I love returning to my favorite games and playing them in new ways. That means that I’m usually a fan of expansions, and I played a good number of them this summer. But, there were new games too, including a surprising number of variants on old mechanics — whether they be Poker resolution or classic deckbuilding. As usual, this is a listing of games according to how much I like them, as a medium-weight euro-gamer, and they’re new to me (although I was pleased to play a lot that were just flat-out new this time around).
Hocus (2016). I am not a fan of Texas Hold’em, which I consider a bluffing exercise with probability memorization thrown in. Sure, you can be better at it than other people, but I don’t find it a fun game, or even a game. And, Hocus uses Texas Hold’em mechanics … but I love it.
This blog has long focused on the design of games, investigating how and why they work (or don’t). Usually, it’s picked apart existing games. However, there’s one sort of work that can offer particularly interesting insights into design: the revision. A revision can allow you to delve into a game, see what was there before, what was there afterward, and thus see how a change in design made a change in the game.
That’s why I’m going to be looking at Caverna: The Cave Farmers (2013) this week. Though it’s essentially the same game as Agricola (2007) in the big picture, it’s been revised, polished, and expanded rather thoroughly — providing lots of insight into the design process.
Please note that this article doesn’t try to be a complete list of changes, but rather is a look at the ones that are the most interesting.
The Furnished Rooms
In Agricola, each player gets a hand of occupation and improvement cards that he uses to specialize his farm. A very small set of just ten major improvements are available for all players. Conversely, in Caverna there are no individual cards. Instead furnishing tiles are available to all players, first come first serve.
Result: The change was probably a reaction to the randomness of the card draws in Agricola. If a player got lucky and got a nicely matched set of cards he could do very well, while an unlucky player with no synergy amidst his cards could lose the game before he even started to play. Obviously, having all the cards (tiles) available to everyone makes the game less lucky.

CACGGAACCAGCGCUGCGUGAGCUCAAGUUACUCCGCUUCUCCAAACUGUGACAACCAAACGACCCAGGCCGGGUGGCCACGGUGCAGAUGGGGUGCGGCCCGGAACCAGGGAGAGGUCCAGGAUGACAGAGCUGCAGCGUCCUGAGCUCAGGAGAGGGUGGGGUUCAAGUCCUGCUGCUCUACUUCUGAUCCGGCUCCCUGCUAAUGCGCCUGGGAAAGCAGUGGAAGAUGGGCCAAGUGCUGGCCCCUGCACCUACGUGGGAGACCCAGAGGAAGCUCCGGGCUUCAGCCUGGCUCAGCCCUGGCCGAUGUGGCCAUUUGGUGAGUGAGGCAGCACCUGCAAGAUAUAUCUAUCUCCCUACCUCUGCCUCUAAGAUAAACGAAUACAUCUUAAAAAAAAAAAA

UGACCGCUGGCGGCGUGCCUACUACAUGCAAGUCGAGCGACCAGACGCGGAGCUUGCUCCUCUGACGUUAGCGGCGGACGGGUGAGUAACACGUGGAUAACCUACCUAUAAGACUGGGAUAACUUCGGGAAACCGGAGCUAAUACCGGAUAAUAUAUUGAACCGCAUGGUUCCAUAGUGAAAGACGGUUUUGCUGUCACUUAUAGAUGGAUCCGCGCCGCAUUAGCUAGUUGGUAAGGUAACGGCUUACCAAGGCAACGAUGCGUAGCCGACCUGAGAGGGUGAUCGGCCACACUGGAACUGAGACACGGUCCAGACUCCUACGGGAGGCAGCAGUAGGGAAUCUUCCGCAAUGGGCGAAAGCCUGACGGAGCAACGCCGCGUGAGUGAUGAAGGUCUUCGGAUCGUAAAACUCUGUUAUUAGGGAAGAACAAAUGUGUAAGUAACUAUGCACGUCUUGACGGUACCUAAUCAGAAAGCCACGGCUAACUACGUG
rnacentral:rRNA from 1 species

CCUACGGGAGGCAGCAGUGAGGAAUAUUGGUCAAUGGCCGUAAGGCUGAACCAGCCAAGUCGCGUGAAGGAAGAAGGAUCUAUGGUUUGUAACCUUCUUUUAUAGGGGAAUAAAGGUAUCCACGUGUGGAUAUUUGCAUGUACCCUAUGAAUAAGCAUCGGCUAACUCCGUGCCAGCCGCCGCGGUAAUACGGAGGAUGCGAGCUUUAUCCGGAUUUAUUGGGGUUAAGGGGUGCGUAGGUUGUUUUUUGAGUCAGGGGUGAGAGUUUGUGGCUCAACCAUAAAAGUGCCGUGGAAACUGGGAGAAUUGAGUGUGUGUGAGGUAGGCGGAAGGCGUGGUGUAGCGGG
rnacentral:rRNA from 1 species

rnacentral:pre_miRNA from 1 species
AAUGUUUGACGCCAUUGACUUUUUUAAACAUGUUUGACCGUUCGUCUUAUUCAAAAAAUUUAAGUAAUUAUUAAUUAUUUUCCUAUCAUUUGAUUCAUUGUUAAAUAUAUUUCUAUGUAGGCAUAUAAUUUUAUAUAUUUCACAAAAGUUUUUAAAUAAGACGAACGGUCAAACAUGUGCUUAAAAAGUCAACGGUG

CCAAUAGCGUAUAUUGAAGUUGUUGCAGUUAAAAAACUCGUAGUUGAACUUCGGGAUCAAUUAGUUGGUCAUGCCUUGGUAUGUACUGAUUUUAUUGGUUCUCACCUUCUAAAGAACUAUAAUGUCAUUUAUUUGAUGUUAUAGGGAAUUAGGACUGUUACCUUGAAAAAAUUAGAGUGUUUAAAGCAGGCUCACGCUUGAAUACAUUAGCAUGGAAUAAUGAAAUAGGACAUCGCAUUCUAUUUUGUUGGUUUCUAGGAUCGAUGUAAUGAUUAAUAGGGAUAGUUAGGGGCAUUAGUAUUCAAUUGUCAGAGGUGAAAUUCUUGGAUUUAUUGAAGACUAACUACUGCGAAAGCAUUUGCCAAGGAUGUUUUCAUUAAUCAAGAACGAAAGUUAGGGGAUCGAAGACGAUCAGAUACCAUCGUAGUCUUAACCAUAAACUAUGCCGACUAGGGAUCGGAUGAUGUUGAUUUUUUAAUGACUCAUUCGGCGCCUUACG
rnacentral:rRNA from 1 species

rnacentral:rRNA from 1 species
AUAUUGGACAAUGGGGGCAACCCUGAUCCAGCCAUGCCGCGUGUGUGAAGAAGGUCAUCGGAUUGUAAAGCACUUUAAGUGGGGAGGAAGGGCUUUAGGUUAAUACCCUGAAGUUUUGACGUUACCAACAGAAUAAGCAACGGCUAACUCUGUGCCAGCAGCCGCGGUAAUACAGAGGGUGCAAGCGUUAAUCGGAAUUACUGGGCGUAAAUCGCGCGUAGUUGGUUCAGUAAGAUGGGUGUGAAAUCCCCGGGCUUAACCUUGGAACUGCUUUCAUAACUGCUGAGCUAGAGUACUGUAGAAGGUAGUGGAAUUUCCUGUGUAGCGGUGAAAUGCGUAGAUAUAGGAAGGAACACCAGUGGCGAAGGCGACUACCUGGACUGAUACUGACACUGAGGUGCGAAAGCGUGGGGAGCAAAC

Though my new gaming was light in fall (primarily because my gaming was light in fall, due to the holidays), I’ve opted to publish my short list of new-to-me games while they’re all still fresh. (And it looks like I still managed almost a dozen new games.) As always this is an assessment of how much I like the games, rather than whether they’re great or not. I tend to prefer light-to-medium euros that don’t make me work too hard.
Caverna: The Cave Farmers (2013).I thought Agricola (2007) was great the first time I played it, because it combined worker placement with scarcity and it also supported deep and thoughtful gameplay. It’s too long for me to play very often, but it’s still a great game that I love when I play. Caverna is essentially more of the same, but with fantasy theming, with some simplified game elements, with reduced randomness, and with an interesting new expeditions systems. Overall, it’s a great variant, that’s just (barely) far enough from the original that you might want to own both.